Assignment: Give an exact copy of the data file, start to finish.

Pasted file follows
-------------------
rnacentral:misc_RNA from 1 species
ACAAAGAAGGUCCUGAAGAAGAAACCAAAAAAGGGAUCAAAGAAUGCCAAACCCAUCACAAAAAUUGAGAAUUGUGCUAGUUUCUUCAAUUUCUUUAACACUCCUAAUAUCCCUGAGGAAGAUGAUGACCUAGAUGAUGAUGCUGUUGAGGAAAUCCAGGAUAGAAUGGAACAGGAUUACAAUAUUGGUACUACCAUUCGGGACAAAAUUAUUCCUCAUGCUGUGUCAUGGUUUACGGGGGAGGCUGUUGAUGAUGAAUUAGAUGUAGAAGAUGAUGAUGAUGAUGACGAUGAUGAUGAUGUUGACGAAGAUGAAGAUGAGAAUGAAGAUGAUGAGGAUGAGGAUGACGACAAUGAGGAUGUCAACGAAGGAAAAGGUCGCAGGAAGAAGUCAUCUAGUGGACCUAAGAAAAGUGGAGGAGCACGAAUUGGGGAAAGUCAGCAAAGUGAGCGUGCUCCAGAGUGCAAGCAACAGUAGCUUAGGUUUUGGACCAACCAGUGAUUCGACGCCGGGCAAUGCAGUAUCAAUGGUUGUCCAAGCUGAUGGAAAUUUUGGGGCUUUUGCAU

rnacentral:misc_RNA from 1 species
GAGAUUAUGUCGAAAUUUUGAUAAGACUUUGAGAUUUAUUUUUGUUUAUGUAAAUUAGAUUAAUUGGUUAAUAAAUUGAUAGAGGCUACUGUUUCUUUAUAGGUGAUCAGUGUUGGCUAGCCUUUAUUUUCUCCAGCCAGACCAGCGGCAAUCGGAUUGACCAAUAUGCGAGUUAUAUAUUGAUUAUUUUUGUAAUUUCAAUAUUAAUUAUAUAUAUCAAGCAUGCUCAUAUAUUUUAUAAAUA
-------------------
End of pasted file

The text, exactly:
rnacentral:misc_RNA from 1 species
ACAAAGAAGGUCCUGAAGAAGAAACCAAAAAAGGGAUCAAAGAAUGCCAAACCCAUCACAAAAAUUGAGAAUUGUGCUAGUUUCUUCAAUUUCUUUAACACUCCUAAUAUCCCUGAGGAAGAUGAUGACCUAGAUGAUGAUGCUGUUGAGGAAAUCCAGGAUAGAAUGGAACAGGAUUACAAUAUUGGUACUACCAUUCGGGACAAAAUUAUUCCUCAUGCUGUGUCAUGGUUUACGGGGGAGGCUGUUGAUGAUGAAUUAGAUGUAGAAGAUGAUGAUGAUGAUGACGAUGAUGAUGAUGUUGACGAAGAUGAAGAUGAGAAUGAAGAUGAUGAGGAUGAGGAUGACGACAAUGAGGAUGUCAACGAAGGAAAAGGUCGCAGGAAGAAGUCAUCUAGUGGACCUAAGAAAAGUGGAGGAGCACGAAUUGGGGAAAGUCAGCAAAGUGAGCGUGCUCCAGAGUGCAAGCAACAGUAGCUUAGGUUUUGGACCAACCAGUGAUUCGACGCCGGGCAAUGCAGUAUCAAUGGUUGUCCAAGCUGAUGGAAAUUUUGGGGCUUUUGCAU

rnacentral:misc_RNA from 1 species
GAGAUUAUGUCGAAAUUUUGAUAAGACUUUGAGAUUUAUUUUUGUUUAUGUAAAUUAGAUUAAUUGGUUAAUAAAUUGAUAGAGGCUACUGUUUCUUUAUAGGUGAUCAGUGUUGGCUAGCCUUUAUUUUCUCCAGCCAGACCAGCGGCAAUCGGAUUGACCAAUAUGCGAGUUAUAUAUUGAUUAUUUUUGUAAUUUCAAUAUUAAUUAUAUAUAUCAAGCAUGCUCAUAUAUUUUAUAAAUA